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Tuesday 21st May 2024

How to avoid becoming a telephone scam victim

Nick Daws offers tips to prevent phone scams, and how to safeguard yourself and loved ones from potential harm.


As with online scams, which I discussed in this recent article on Mouthy Money, telephone scams have become an unfortunate reality of daily life in the UK. 

Fraudsters often use clever tactics to deceive unsuspecting individuals, leading to financial losses and personal distress. 

In this article I will set out some tips and advice to avoid falling victim to phone scams and protect you – and your loved ones – from potential harm.

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Top tips to beat the scammers

Keep informed

Knowledge is your best defence against telephone scams. Stay informed about the latest scam techniques and common fraud scenarios. 

Regularly check official sources such as Action Fraud and local law enforcement websites for updates on common scams in your area. Local community website NextDoor can also be a good source of information.

In addition, Which? Magazine has a free weekly Scam Alerts service you can sign up to here. This will alert you to all the latest telephone and online scams.

Verify caller identities

Scammers often manipulate caller IDs to appear trustworthy, using tactics known as ‘spoofing’.

Never rely solely on the displayed phone number or the name on your caller ID. If a call seems suspicious, take extra steps to verify the caller’s identity. Call back using a known, official phone number rather than one provided during the call.

Guard personal information

Legitimate organisations, including banks and government agencies, will never ask for sensitive information such as passwords, PINs, or social security numbers over the phone. Be cautious and never share personal info unless you are certain of the caller’s authenticity. When in doubt, hang up and contact the organisation directly, using official contact details you have obtained from a trustworthy source.

Recognize common scam tactics

Telephone scammers often use tactics such as urgency, threats, or promises of rewards to manipulate victims. Be sceptical of unsolicited calls, especially those pressuring you to make immediate decisions. Legitimate organisations will give you time to consider and verify information.

Be extra wary of automated calls

A common ploy used by scammers is to use automated services to call huge numbers of potential victims.

The messages vary but typically they warn that your bank account has been compromised and ask you to ‘Press one to speak to one of our agents’. If you do this you will be put through to a scammer who will try to get your bank details from you. If you get a call like this, just put the phone down.

If you are at all worried, call your bank (or whoever they claim to be) on an official number to reassure yourself all is well.

Use call blocking and screening

Take advantage of call-blocking apps and features provided by your mobile or landline service provider. These tools can help filter out known scam numbers and reduce the likelihood of receiving fraudulent calls. 

You can also opt out of receiving calls from overseas or where the number has been withheld. Be careful about the latter, though, as legitimate users (e.g. hospitals) sometimes do this as well.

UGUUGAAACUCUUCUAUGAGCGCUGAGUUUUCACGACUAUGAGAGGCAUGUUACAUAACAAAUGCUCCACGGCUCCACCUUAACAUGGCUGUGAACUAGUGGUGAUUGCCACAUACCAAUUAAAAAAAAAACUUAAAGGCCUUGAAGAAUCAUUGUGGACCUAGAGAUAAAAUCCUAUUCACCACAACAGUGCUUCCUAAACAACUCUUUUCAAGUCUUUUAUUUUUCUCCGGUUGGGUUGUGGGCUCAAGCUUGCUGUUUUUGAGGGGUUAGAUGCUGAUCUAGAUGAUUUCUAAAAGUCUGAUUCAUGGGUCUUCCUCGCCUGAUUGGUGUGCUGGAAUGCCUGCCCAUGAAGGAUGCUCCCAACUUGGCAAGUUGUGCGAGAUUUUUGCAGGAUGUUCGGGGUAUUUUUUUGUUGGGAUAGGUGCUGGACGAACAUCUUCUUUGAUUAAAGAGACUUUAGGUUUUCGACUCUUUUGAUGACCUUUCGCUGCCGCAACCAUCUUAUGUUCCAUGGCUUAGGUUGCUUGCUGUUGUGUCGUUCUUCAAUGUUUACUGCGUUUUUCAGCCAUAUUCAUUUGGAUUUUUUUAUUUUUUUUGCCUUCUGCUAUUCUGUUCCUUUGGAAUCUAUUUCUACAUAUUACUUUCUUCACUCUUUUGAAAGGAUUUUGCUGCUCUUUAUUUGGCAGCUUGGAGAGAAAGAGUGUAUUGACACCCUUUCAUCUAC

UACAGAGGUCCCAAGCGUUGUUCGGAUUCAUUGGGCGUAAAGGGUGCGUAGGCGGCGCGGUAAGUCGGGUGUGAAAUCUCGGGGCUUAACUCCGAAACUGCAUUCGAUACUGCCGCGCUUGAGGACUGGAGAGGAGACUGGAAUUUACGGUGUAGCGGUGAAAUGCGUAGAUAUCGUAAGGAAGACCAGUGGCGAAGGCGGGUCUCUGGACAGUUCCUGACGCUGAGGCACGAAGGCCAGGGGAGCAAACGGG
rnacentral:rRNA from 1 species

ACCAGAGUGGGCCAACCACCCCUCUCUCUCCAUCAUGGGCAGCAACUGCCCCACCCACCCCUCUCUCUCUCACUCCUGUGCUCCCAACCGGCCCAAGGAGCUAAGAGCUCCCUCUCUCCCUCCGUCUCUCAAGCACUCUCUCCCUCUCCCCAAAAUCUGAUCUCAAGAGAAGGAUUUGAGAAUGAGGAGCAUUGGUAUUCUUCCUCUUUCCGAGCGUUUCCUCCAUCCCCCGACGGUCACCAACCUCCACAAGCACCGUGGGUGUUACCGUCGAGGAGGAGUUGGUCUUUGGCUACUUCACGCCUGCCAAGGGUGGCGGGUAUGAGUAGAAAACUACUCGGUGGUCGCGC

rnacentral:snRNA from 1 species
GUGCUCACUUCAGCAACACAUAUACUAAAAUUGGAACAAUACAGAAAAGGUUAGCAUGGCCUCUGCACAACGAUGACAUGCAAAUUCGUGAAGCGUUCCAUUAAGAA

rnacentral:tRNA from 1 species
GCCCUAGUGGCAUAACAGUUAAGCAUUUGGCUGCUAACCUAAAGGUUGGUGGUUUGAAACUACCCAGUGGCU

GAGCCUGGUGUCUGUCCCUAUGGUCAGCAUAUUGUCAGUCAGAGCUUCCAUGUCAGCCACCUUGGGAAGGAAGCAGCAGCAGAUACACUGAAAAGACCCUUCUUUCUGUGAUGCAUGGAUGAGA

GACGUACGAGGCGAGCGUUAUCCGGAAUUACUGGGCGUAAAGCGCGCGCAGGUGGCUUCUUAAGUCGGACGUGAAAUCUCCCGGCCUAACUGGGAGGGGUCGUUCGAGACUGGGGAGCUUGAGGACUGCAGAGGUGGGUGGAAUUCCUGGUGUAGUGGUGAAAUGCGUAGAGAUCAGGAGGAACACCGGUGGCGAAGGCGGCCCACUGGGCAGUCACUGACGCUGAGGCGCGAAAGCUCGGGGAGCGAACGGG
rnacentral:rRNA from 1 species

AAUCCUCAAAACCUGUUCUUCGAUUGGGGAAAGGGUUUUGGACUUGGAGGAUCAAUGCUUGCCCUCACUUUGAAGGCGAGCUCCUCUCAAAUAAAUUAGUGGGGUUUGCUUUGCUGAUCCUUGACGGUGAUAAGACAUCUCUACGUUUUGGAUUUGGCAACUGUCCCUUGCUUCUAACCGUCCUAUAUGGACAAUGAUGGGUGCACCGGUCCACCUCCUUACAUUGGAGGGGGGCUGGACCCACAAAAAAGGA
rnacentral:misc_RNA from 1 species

Register with the Telephone Preference Service (TPS)

The TPS is the UK’s official ‘Do Not Call’ register for both landline and mobile numbers. It allows individuals (and businesses) to opt out of receiving unsolicited marketing calls. Registering with the TPS won’t stop all scam calls (especially from overseas) but it should reduce them.

You can register your phone number(s) for free on the TPS website or by calling 0345 070 0707 (local rates apply). 

Additionally, you can now register your mobile number for free by texting ‘TPS’ and your email address to 85095 from your phone.You will receive a text message confirming your number has been successfully added to the TPS database.

Educate vulnerable loved ones

Ensure that vulnerable individuals, such as elderly relatives or friends, are aware of the risks associated with telephone scams. Teach them to be cautious and advise them how best to handle suspicious calls. Age UK has a useful web page listing scams seniors may be especially vulnerable to (though anyone could become a victim of these).

Report suspicious activity

:If you receive a suspicious call, report it to the appropriate authorities. In the UK, you can report telephone scams to Action Fraud by visiting their website or calling 0300 123 2040. Reporting scams helps law enforcement track and combat fraudulent activities.

Stay updated on security measures

Keep abreast of security measures implemented by your telephone service providers, landline and mobile. Companies regularly update their systems to enhance security and protect customers from potential scams. Familiarise yourself with these updates to ensure you are using the latest protections available.

Closing thoughts

By staying informed, being cautious, and following the measures set out above, you can significantly reduce the risk of falling victim to telephone scams.

Trust your instincts and take the necessary steps to protect yourself and your loved ones from potential fraud. Stay vigilant, stay informed, and above all please stay safe.

As always, if you have any comments about this article, please do leave them below.

Photo credits: Pexels

Nick Daws

Mouthy Blogger

Nick Daws is a semi-retired freelance writer and editor. He is the author of over 30 non-fiction books, including Start Your Own Home-Based Business and The Internet for Writers. He lives in Burntwood, Staffordshire, where he has been running his personal finance blog at Poundsandsense.com for over seven years.

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